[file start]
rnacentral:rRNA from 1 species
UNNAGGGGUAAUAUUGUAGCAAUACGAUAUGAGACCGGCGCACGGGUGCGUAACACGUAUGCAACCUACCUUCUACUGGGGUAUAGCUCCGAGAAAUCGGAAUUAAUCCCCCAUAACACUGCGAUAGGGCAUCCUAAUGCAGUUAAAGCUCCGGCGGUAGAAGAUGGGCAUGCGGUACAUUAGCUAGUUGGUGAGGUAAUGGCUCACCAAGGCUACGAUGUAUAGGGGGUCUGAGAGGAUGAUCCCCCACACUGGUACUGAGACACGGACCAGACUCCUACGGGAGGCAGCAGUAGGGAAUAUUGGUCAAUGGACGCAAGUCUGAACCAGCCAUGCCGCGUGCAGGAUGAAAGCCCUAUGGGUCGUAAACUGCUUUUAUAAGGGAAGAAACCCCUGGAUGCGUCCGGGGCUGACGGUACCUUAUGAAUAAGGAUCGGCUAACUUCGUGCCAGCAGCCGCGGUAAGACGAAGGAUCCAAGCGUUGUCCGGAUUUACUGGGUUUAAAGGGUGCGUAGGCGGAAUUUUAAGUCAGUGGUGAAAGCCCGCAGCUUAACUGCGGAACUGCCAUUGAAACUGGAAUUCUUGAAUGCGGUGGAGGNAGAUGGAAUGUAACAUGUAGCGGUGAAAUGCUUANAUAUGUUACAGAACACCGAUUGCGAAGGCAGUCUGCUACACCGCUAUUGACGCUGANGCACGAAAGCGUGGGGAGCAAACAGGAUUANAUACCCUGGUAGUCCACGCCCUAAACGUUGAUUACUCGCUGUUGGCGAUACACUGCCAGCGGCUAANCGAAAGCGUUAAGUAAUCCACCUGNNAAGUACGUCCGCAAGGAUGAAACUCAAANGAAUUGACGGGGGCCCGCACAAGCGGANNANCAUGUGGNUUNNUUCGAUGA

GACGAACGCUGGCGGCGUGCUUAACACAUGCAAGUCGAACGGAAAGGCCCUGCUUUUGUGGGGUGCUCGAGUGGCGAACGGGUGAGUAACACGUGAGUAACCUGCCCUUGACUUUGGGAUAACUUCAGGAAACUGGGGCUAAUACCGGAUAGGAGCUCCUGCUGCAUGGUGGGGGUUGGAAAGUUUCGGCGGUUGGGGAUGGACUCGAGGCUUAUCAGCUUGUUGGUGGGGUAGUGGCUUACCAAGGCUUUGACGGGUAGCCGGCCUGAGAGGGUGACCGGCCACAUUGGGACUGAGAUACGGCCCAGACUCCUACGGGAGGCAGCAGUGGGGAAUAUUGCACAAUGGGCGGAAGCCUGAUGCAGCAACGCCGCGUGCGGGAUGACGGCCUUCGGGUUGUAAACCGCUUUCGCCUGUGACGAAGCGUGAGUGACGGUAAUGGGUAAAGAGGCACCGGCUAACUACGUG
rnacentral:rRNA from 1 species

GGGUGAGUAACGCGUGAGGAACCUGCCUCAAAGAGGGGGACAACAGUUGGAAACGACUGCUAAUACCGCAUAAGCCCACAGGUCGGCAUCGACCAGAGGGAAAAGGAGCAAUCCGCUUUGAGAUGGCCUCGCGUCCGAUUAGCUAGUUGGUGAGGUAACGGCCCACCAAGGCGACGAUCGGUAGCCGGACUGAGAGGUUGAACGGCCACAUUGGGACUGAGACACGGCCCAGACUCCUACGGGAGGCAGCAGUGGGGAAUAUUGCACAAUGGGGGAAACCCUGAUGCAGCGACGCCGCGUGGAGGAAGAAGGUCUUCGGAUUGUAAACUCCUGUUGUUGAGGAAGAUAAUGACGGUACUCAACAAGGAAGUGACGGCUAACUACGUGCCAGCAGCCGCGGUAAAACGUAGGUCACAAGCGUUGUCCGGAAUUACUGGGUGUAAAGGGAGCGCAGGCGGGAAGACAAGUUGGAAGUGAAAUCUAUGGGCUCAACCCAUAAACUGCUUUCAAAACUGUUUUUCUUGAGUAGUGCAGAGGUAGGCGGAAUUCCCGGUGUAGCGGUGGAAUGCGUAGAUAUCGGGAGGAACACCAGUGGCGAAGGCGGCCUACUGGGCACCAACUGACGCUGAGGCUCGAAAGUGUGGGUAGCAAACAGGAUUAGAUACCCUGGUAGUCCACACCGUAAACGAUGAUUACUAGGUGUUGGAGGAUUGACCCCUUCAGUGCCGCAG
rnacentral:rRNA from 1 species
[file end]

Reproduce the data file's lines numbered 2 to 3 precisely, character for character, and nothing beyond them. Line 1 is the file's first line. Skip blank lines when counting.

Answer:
UNNAGGGGUAAUAUUGUAGCAAUACGAUAUGAGACCGGCGCACGGGUGCGUAACACGUAUGCAACCUACCUUCUACUGGGGUAUAGCUCCGAGAAAUCGGAAUUAAUCCCCCAUAACACUGCGAUAGGGCAUCCUAAUGCAGUUAAAGCUCCGGCGGUAGAAGAUGGGCAUGCGGUACAUUAGCUAGUUGGUGAGGUAAUGGCUCACCAAGGCUACGAUGUAUAGGGGGUCUGAGAGGAUGAUCCCCCACACUGGUACUGAGACACGGACCAGACUCCUACGGGAGGCAGCAGUAGGGAAUAUUGGUCAAUGGACGCAAGUCUGAACCAGCCAUGCCGCGUGCAGGAUGAAAGCCCUAUGGGUCGUAAACUGCUUUUAUAAGGGAAGAAACCCCUGGAUGCGUCCGGGGCUGACGGUACCUUAUGAAUAAGGAUCGGCUAACUUCGUGCCAGCAGCCGCGGUAAGACGAAGGAUCCAAGCGUUGUCCGGAUUUACUGGGUUUAAAGGGUGCGUAGGCGGAAUUUUAAGUCAGUGGUGAAAGCCCGCAGCUUAACUGCGGAACUGCCAUUGAAACUGGAAUUCUUGAAUGCGGUGGAGGNAGAUGGAAUGUAACAUGUAGCGGUGAAAUGCUUANAUAUGUUACAGAACACCGAUUGCGAAGGCAGUCUGCUACACCGCUAUUGACGCUGANGCACGAAAGCGUGGGGAGCAAACAGGAUUANAUACCCUGGUAGUCCACGCCCUAAACGUUGAUUACUCGCUGUUGGCGAUACACUGCCAGCGGCUAANCGAAAGCGUUAAGUAAUCCACCUGNNAAGUACGUCCGCAAGGAUGAAACUCAAANGAAUUGACGGGGGCCCGCACAAGCGGANNANCAUGUGGNUUNNUUCGAUGA

GACGAACGCUGGCGGCGUGCUUAACACAUGCAAGUCGAACGGAAAGGCCCUGCUUUUGUGGGGUGCUCGAGUGGCGAACGGGUGAGUAACACGUGAGUAACCUGCCCUUGACUUUGGGAUAACUUCAGGAAACUGGGGCUAAUACCGGAUAGGAGCUCCUGCUGCAUGGUGGGGGUUGGAAAGUUUCGGCGGUUGGGGAUGGACUCGAGGCUUAUCAGCUUGUUGGUGGGGUAGUGGCUUACCAAGGCUUUGACGGGUAGCCGGCCUGAGAGGGUGACCGGCCACAUUGGGACUGAGAUACGGCCCAGACUCCUACGGGAGGCAGCAGUGGGGAAUAUUGCACAAUGGGCGGAAGCCUGAUGCAGCAACGCCGCGUGCGGGAUGACGGCCUUCGGGUUGUAAACCGCUUUCGCCUGUGACGAAGCGUGAGUGACGGUAAUGGGUAAAGAGGCACCGGCUAACUACGUG